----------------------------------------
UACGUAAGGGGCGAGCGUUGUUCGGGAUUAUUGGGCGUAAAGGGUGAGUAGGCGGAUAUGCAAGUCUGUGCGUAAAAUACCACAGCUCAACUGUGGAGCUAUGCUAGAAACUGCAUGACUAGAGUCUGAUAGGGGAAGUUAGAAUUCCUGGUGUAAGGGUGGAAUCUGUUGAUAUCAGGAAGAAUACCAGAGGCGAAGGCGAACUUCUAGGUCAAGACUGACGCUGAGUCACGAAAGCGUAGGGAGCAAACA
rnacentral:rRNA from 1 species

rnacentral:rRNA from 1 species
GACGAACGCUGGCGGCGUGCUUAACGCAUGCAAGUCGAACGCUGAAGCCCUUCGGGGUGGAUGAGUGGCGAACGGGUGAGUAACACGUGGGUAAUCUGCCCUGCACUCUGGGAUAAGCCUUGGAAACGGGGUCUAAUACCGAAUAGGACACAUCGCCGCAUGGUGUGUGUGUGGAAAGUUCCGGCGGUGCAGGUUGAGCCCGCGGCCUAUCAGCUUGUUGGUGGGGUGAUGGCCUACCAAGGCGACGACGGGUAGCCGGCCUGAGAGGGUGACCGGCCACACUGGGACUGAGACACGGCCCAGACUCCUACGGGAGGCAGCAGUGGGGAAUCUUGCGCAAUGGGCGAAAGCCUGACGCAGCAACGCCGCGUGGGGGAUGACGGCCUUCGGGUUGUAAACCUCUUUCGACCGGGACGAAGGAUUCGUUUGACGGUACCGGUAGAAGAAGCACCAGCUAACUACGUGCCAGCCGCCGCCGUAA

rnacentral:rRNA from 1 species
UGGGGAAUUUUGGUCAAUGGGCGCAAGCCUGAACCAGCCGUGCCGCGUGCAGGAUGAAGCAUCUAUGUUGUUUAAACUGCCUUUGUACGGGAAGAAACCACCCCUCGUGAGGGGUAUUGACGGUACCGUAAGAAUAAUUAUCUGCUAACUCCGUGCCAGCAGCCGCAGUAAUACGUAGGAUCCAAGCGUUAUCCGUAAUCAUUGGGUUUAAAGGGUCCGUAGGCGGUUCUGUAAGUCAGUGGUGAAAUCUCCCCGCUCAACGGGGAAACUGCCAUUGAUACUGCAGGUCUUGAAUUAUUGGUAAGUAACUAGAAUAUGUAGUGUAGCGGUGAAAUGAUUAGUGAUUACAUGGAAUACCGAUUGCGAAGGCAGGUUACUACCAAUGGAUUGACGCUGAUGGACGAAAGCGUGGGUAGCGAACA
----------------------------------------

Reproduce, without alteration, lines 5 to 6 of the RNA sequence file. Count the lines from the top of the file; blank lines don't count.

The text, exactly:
rnacentral:rRNA from 1 species
UGGGGAAUUUUGGUCAAUGGGCGCAAGCCUGAACCAGCCGUGCCGCGUGCAGGAUGAAGCAUCUAUGUUGUUUAAACUGCCUUUGUACGGGAAGAAACCACCCCUCGUGAGGGGUAUUGACGGUACCGUAAGAAUAAUUAUCUGCUAACUCCGUGCCAGCAGCCGCAGUAAUACGUAGGAUCCAAGCGUUAUCCGUAAUCAUUGGGUUUAAAGGGUCCGUAGGCGGUUCUGUAAGUCAGUGGUGAAAUCUCCCCGCUCAACGGGGAAACUGCCAUUGAUACUGCAGGUCUUGAAUUAUUGGUAAGUAACUAGAAUAUGUAGUGUAGCGGUGAAAUGAUUAGUGAUUACAUGGAAUACCGAUUGCGAAGGCAGGUUACUACCAAUGGAUUGACGCUGAUGGACGAAAGCGUGGGUAGCGAACA